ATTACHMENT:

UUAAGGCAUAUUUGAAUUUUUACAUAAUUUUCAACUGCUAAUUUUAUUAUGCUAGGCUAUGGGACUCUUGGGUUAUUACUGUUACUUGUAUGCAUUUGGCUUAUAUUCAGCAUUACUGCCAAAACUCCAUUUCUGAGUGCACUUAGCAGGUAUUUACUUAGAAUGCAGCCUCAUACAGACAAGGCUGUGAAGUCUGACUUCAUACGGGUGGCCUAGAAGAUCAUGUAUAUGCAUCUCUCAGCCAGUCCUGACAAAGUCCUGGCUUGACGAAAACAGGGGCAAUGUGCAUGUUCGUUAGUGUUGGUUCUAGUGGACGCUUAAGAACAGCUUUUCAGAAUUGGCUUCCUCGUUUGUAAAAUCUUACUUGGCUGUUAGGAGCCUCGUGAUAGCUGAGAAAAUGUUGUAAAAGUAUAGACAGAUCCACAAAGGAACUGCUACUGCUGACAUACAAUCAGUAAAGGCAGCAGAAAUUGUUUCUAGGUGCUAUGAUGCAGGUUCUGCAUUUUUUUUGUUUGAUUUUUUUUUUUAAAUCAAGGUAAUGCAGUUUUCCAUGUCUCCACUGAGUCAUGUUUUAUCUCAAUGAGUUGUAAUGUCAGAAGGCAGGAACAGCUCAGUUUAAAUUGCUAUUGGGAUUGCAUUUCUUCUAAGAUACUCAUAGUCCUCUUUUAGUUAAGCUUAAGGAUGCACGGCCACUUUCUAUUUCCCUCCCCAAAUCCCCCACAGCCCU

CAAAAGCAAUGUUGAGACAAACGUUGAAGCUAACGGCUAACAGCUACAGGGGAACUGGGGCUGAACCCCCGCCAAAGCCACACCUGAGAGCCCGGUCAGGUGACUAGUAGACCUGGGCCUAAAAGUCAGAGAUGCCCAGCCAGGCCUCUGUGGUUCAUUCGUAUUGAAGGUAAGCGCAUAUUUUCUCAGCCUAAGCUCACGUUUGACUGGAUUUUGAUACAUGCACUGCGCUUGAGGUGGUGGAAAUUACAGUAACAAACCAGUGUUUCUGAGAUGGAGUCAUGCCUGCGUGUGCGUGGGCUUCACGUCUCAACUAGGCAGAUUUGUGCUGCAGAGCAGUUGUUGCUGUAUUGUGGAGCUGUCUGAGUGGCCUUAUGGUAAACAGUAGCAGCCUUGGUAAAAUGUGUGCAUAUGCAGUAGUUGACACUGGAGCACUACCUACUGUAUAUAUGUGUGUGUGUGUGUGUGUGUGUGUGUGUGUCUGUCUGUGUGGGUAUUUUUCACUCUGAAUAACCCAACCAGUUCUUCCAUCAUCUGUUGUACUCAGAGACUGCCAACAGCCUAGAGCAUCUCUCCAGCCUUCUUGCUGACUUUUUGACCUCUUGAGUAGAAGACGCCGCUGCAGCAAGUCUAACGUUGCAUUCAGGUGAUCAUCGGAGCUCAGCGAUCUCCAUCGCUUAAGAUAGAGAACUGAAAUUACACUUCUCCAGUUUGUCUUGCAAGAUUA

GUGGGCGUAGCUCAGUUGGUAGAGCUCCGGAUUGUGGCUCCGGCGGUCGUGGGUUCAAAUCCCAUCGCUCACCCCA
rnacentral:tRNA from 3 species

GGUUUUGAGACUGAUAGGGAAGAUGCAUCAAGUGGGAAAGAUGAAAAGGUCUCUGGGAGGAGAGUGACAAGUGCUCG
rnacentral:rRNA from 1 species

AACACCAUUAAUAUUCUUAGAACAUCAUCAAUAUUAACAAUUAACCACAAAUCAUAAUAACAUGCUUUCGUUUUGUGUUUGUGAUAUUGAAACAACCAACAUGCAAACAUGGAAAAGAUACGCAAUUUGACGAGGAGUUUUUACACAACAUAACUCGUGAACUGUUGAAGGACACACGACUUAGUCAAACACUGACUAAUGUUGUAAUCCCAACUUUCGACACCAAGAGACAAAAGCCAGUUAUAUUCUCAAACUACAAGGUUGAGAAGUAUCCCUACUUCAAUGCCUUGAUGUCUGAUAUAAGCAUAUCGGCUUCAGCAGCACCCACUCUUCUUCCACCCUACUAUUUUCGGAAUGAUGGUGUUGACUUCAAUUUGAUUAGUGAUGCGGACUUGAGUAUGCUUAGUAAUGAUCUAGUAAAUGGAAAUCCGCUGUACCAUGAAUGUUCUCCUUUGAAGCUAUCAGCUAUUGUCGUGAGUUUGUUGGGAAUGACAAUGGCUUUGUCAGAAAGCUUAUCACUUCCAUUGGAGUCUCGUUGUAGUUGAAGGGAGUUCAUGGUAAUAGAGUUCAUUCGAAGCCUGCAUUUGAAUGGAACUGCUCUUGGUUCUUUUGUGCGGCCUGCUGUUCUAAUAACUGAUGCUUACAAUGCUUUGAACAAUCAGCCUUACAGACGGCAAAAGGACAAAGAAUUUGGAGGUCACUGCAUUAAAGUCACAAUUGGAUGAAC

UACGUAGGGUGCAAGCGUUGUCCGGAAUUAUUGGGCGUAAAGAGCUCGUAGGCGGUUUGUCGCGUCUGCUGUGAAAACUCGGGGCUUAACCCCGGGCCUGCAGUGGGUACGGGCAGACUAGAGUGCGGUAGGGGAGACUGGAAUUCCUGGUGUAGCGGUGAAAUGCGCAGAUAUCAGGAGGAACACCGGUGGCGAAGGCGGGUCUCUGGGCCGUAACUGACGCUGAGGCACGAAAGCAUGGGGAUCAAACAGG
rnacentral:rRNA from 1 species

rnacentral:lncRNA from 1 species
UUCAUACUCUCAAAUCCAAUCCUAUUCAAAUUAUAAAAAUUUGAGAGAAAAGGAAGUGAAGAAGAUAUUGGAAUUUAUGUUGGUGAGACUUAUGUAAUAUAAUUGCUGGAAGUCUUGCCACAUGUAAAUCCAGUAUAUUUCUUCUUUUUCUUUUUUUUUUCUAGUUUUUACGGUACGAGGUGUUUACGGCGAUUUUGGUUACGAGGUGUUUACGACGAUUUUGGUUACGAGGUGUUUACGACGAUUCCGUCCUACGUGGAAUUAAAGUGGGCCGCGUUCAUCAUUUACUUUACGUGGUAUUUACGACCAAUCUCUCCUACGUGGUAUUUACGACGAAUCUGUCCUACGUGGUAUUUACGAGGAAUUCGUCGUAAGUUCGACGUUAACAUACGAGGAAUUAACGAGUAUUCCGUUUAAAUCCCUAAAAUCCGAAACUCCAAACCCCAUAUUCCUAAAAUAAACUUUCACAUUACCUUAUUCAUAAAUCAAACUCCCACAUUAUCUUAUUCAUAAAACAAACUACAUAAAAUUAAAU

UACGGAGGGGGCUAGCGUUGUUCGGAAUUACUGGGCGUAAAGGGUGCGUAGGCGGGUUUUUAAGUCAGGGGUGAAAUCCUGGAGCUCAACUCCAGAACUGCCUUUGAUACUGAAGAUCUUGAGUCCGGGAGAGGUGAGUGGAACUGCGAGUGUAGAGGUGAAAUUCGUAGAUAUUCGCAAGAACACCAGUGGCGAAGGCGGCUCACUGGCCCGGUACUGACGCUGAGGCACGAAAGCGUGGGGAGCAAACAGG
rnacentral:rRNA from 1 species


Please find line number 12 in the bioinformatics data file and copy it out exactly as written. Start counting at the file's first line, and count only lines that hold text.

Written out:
UACGGAGGGGGCUAGCGUUGUUCGGAAUUACUGGGCGUAAAGGGUGCGUAGGCGGGUUUUUAAGUCAGGGGUGAAAUCCUGGAGCUCAACUCCAGAACUGCCUUUGAUACUGAAGAUCUUGAGUCCGGGAGAGGUGAGUGGAACUGCGAGUGUAGAGGUGAAAUUCGUAGAUAUUCGCAAGAACACCAGUGGCGAAGGCGGCUCACUGGCCCGGUACUGACGCUGAGGCACGAAAGCGUGGGGAGCAAACAGG